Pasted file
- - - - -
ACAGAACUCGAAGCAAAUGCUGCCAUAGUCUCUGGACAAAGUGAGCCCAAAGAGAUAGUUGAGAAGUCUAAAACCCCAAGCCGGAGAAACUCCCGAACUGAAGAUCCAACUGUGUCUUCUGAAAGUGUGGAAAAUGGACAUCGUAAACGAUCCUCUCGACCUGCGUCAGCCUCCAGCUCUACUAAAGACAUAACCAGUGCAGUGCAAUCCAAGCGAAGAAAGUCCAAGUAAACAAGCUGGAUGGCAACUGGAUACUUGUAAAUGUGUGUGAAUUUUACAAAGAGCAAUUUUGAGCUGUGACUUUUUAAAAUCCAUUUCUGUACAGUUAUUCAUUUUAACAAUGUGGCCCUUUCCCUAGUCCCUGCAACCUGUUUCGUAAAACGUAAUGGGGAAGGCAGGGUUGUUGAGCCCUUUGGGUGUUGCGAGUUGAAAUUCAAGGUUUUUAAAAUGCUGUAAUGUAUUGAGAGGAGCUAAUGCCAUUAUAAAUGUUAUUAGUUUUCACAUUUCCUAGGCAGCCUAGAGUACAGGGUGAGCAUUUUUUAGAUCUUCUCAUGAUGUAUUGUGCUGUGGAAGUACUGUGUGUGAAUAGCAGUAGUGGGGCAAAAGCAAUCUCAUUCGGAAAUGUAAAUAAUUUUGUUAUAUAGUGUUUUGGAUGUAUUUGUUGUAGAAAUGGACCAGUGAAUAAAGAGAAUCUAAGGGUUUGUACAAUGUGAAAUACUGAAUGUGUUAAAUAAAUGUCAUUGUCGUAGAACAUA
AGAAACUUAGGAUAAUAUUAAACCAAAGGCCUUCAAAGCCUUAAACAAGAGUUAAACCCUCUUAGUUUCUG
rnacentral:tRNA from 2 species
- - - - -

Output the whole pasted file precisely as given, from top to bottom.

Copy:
ACAGAACUCGAAGCAAAUGCUGCCAUAGUCUCUGGACAAAGUGAGCCCAAAGAGAUAGUUGAGAAGUCUAAAACCCCAAGCCGGAGAAACUCCCGAACUGAAGAUCCAACUGUGUCUUCUGAAAGUGUGGAAAAUGGACAUCGUAAACGAUCCUCUCGACCUGCGUCAGCCUCCAGCUCUACUAAAGACAUAACCAGUGCAGUGCAAUCCAAGCGAAGAAAGUCCAAGUAAACAAGCUGGAUGGCAACUGGAUACUUGUAAAUGUGUGUGAAUUUUACAAAGAGCAAUUUUGAGCUGUGACUUUUUAAAAUCCAUUUCUGUACAGUUAUUCAUUUUAACAAUGUGGCCCUUUCCCUAGUCCCUGCAACCUGUUUCGUAAAACGUAAUGGGGAAGGCAGGGUUGUUGAGCCCUUUGGGUGUUGCGAGUUGAAAUUCAAGGUUUUUAAAAUGCUGUAAUGUAUUGAGAGGAGCUAAUGCCAUUAUAAAUGUUAUUAGUUUUCACAUUUCCUAGGCAGCCUAGAGUACAGGGUGAGCAUUUUUUAGAUCUUCUCAUGAUGUAUUGUGCUGUGGAAGUACUGUGUGUGAAUAGCAGUAGUGGGGCAAAAGCAAUCUCAUUCGGAAAUGUAAAUAAUUUUGUUAUAUAGUGUUUUGGAUGUAUUUGUUGUAGAAAUGGACCAGUGAAUAAAGAGAAUCUAAGGGUUUGUACAAUGUGAAAUACUGAAUGUGUUAAAUAAAUGUCAUUGUCGUAGAACAUA
AGAAACUUAGGAUAAUAUUAAACCAAAGGCCUUCAAAGCCUUAAACAAGAGUUAAACCCUCUUAGUUUCUG
rnacentral:tRNA from 2 species